By Victor “Doc V” Trammell, guest columnist for Reason4Rhymes.com
Social expression of one’s sexuality has been on display in American culture since the introduction of the first films and television programs. Even before then, there were forms of literature that presented sexual adult themes like Crime Magazine. However, the social revolutions of the 1960s and 70s brought a radical tilt, which reshaped the traditional images of sexuality being limited to a man and woman who were either married in a family setting, or became as such living happily ever after. Even in the crime-themed material, heterosexual males and females triumphed over their opposite gender in wild stories of lust and sexual frenzies.
New alternative life styles, images, and challenges came with the social revolutions of the 60s and 70s. One such lifestyle exposed to the mainstream was homosexuality. This lifestyle has been around since the days of ancient Greece and Rome. However, in American culture, the life styles were suppressed and were not present in the mainstream. In the late 1970s, the first cases of the deadly AIDS epidemic were reported and the majority of those diagnosed were homosexual males. AIDS is classified as one of the challenges, which resulted from the social revolution of that era. The first commercialized recordings of hip hop music were also coming into fruition around that time. Hip hop culture for a long time was synonymous with black culture, which still largely considers homosexuality a taboo. Homo eroticism is the term used by film maker Byron Hurt in his 2006 documentary titled, “Hip Hop: Beyond Beats and Rhymes. Homo eroticism is described in Hurt’s film as something still very much shunned by purists in circles within the hip hop culture. The theme seems to beg the question: Why is homophobia the norm in hip hop culture?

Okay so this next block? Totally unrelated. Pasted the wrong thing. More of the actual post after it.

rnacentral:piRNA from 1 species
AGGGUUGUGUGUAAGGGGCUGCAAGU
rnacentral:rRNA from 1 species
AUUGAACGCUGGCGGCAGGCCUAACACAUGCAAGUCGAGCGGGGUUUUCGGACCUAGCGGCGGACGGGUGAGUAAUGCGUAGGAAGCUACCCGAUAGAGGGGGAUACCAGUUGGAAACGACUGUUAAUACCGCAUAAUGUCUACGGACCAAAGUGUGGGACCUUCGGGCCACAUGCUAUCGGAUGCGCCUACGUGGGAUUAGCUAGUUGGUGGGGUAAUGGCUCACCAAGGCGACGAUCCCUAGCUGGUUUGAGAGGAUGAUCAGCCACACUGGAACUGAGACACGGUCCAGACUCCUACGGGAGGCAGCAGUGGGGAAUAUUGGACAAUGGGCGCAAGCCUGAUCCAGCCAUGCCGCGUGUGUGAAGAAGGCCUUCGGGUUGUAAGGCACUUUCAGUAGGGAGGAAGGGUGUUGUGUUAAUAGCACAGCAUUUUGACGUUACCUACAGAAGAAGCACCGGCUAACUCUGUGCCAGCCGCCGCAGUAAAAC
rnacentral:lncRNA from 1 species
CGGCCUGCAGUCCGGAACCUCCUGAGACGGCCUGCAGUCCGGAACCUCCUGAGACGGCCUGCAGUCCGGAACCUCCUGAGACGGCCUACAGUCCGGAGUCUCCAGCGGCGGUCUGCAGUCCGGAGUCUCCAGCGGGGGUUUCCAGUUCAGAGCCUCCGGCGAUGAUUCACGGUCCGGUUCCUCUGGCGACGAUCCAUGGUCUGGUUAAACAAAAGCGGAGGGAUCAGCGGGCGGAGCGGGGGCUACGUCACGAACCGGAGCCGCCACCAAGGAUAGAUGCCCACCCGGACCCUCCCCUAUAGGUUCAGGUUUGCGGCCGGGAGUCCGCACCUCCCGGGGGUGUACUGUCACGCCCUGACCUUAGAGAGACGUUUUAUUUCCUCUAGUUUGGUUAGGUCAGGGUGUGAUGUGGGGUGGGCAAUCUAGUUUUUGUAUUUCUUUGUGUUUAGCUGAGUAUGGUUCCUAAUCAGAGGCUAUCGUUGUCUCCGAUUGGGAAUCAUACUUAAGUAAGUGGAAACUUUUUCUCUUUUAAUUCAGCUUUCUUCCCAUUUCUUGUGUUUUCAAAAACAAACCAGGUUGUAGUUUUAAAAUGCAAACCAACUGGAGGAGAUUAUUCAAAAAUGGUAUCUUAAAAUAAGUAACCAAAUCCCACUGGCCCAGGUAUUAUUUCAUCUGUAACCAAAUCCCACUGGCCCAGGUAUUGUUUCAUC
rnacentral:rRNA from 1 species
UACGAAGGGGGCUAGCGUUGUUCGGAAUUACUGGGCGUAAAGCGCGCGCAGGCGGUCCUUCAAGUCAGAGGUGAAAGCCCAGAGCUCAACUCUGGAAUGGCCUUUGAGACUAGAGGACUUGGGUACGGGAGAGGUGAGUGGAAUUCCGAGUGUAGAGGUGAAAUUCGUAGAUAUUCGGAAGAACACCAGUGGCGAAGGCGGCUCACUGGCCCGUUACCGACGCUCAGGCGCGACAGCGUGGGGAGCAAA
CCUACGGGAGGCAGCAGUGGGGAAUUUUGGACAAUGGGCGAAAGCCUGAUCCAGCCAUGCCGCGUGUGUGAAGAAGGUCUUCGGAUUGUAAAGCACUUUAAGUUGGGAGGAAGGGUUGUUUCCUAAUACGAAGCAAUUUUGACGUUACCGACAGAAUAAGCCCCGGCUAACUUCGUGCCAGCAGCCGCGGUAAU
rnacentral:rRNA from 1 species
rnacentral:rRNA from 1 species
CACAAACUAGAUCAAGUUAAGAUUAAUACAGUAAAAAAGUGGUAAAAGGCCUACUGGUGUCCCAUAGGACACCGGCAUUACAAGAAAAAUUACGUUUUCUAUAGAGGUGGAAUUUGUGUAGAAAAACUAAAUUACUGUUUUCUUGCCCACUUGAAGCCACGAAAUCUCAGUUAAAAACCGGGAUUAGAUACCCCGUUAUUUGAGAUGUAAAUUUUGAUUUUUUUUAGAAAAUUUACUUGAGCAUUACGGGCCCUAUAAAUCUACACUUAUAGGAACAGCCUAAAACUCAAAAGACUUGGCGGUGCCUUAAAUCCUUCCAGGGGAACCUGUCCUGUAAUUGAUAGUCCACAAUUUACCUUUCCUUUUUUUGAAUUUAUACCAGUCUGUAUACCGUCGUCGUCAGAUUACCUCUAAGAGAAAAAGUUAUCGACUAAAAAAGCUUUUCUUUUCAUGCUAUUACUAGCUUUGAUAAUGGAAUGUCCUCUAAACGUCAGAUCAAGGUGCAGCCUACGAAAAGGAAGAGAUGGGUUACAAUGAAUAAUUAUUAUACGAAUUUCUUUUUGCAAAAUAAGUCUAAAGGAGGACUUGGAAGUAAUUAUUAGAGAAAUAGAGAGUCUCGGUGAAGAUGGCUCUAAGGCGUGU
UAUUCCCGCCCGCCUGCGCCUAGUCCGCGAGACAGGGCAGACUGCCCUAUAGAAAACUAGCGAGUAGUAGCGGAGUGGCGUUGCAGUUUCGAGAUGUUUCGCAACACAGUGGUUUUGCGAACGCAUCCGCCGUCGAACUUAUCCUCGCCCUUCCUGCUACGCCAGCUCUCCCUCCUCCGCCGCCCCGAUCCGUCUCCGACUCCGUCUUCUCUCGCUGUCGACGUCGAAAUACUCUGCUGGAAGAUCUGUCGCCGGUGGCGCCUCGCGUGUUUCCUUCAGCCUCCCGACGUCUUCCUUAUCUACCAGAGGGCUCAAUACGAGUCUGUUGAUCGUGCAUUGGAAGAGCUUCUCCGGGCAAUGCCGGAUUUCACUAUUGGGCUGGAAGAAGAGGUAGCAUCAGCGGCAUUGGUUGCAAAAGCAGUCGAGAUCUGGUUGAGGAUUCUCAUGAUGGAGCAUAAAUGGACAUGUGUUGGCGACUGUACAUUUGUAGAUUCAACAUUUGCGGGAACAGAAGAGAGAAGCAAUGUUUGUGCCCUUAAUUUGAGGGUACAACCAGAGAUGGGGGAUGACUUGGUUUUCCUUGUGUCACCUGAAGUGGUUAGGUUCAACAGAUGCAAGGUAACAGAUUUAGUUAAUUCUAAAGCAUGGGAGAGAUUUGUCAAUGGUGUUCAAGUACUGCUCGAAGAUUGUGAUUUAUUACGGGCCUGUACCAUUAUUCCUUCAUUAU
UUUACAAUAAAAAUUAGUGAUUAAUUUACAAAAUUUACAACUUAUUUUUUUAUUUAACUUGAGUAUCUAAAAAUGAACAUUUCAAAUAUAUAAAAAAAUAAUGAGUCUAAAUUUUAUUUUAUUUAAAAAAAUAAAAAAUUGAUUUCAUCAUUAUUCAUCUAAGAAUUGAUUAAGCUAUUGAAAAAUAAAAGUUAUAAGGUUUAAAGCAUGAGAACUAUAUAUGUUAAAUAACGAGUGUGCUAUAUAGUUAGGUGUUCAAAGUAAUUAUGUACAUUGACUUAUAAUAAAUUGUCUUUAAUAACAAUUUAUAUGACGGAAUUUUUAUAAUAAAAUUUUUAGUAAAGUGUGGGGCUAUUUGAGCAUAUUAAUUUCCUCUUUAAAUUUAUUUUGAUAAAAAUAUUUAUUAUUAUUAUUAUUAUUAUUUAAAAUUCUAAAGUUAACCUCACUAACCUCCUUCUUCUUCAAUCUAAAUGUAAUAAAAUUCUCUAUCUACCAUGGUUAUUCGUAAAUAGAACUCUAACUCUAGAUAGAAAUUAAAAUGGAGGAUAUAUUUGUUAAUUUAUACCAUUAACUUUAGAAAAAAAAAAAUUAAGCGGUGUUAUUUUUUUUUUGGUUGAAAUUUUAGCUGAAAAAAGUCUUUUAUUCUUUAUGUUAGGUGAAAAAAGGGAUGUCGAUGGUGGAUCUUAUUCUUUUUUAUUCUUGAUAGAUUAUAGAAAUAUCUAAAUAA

Fast forward six years later after the film’s release, hip hop has evolved as it always does. New artists have emerged, and so have trends in fashion, social expression, and commercial acceptance. The recently televised BET Awards put some of those trends on display in what has been coined as today’s “swag” generation. One could argue that the traditional images of our young black men exhibiting toughness, masculinity, and control are scarce today. Performances and music videos have male artists prancing about in tight clothing, wearing bright colors popularly regarded as feminine, and carrying themselves in a fashion that could easily be classified as homo erotic. Frank Ocean a member of the rap group Odd Future has also recently admitted his homosexuality publicly. Referring back to the question begged in Byron Hurt’s documentary, one could proclaim that hip hop culture is taking steps in the direction of getting over its long time phase of homophobia.
Though homosexuality is widely accepted in American culture, which is evident by the legalization of gay marriage, many religious and conservative critics still contend it is morally wrong. History has shown that any social revolution brings new challenges along with the new perceptions of legitimate cultural expression. What will be the new challenges of this revised social era? However, there is nothing new under the sun. Images of homo eroticism were prevalent in the 1980s with numerous black male pop and R&B acts. One such artist was Bobby Debarge, who in 1995 died of AIDS. He also was widely known to be a homosexual. Verbal attacks against homosexuality are widely vilified and those in the public view are often forced to quickly apologize after a slip of the tongue. Is society imposing a homo erotic agenda on our citizens and youth of today? If so, is this the right thing to be doing in a country where one has the right to stand for or against whatever they want? In the case of hip hop, one must understand its nature of constantly changing. One could bet on the fact that in the next six years, artists of today will be hanging up their skinny jeans to be commercially accepted by an audience programmed to believe in the next hot fad. Hopefully it is a fad that doesn’t cause so much divisive confusion.